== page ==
The following problem, however, arises with this known circuit: the collector-emitter voltage drops relatively slowly when the switching transistor is switched on and reaches the low steady-state value only after a certain delay time. In order to prevent the protective circuit from responding during the delay time, the former must have a corresponding delay. Since this delay is effective also when switching in the presence of an existing short circuit, the short circuit current can build up unimpeded during the delay time. If the switching transistor is operating with a large base current or if a high-gain Darlington stage is involved, the short circuit current often reaches values which are permissible for at least only a limited number of short circuit switching processes during the operating time of the switching transistor.

It is therefore an object of the present invention to develop a protective circuit of the type mentioned above without or with only a very small response delay.

SUMMARY OF THE INVENTION

This and other objects of the present invention are achieved in a protective circuit for a switching transistor having switching-off means for switching-off the driving pulses of the switching transistor, wherein the switching-off means is activated by comparator means which compares a voltage from the switching transistor at a first input with a reference voltage at a reference input and which switches off the driving pulses if the switching transistor is overloaded, the improvement comprising the first input of the comparator means being coupled to the base of the switching transistor and comparing the base-emitter voltage of the switching transistor with the reference voltage, the comparator means generating a signal for activating the switching-off means when the base-emitter voltage is outside a normal operating range determined by said reference voltage.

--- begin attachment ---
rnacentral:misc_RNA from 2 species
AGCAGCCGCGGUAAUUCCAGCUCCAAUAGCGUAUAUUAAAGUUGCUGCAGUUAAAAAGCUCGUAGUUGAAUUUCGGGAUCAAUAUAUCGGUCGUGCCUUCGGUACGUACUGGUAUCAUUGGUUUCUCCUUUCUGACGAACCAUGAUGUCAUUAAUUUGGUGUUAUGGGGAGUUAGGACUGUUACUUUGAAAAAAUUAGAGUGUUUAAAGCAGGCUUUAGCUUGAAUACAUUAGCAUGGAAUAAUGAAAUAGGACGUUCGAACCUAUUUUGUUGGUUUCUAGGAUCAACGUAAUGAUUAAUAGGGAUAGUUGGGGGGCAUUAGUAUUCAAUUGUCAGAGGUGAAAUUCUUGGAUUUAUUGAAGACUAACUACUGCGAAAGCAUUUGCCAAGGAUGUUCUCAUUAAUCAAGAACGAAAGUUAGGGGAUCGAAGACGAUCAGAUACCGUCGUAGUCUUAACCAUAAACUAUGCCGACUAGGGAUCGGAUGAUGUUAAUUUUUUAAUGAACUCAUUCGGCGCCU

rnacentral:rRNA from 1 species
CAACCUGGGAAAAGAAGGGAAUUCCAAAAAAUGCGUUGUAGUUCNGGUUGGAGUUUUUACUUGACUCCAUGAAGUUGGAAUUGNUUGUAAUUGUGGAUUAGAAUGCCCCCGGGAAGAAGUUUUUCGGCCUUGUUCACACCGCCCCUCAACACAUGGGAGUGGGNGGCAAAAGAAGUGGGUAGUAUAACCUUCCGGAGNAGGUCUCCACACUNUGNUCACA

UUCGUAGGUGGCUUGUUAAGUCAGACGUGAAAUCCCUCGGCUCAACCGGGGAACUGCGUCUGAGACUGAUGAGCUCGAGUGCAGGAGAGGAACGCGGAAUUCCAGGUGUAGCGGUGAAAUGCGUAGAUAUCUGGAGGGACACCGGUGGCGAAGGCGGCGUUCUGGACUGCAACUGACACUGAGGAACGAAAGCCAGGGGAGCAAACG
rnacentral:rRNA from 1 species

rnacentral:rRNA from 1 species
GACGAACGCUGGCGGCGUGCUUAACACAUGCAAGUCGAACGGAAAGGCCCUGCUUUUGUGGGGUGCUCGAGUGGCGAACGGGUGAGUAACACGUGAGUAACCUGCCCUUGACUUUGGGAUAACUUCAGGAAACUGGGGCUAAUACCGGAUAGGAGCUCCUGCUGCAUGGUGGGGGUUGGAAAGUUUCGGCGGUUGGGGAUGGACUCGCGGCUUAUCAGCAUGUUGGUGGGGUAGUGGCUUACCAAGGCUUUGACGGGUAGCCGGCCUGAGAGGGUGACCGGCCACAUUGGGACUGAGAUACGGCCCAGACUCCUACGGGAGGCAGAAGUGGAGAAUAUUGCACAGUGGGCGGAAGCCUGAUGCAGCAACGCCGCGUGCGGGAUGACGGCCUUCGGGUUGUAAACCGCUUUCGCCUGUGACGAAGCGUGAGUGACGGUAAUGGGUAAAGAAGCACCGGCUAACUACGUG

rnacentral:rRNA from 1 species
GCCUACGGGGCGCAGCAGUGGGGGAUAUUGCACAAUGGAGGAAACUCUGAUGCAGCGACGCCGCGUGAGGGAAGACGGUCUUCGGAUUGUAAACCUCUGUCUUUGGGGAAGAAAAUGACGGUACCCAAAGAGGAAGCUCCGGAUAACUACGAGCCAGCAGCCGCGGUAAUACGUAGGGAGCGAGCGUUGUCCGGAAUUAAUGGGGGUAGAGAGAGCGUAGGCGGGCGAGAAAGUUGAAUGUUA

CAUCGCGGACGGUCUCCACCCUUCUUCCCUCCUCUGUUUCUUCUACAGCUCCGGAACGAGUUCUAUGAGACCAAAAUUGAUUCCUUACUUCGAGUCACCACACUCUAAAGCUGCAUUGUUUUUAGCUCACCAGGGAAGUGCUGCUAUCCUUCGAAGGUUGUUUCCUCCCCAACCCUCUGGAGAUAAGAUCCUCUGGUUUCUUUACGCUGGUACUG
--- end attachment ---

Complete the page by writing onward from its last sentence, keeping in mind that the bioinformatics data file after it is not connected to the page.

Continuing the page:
Therefore, the rise of the base-emitter voltage and not, as in the known arrangement, the rise of the collector-emitter voltage of the switching transistor is utilized as the switching-off criterion in the event of a short circuit. In switching transistors, in addition to the collector-emitter voltage, the base-emitter voltage also increases with increasing collector current for constant base current. In normal operation without a short circuit, the base emitter voltage reaches its steady-state value almost immediately when a switching-on pulse is applied, i.e., it does not have an increased value, like the collector emitter voltage, at the beginning of the switching-on phase. In the protective circuit according to the invention, therefore, no response delay or a very small response delay which is due to the conduction behavior of the base-emitter path is needed. Since a rise of the base-emitter voltage follows a rise of the collector current almost without delay, i.e., the short-circuit current is determined almost without delay, very fast switching-off action is achieved with the protective circuit according to the invention in the event of a short circuit. The short-circuit current can therefore be limited for a high rate of rise to values which are permissible also for periodic overcurrent operation. With the invented protective circuit, no conditions must be met with respect to a minimum switching-on or -off time, which was necessary in the known arrangement because of the charging of a capacitor in the response delay stage. In addition, instead of the collector voltage which can assume very high values, the lower base voltage which can therefore be processed more easily by the monitoring circuitry is measured in the protective circuit according to the invention.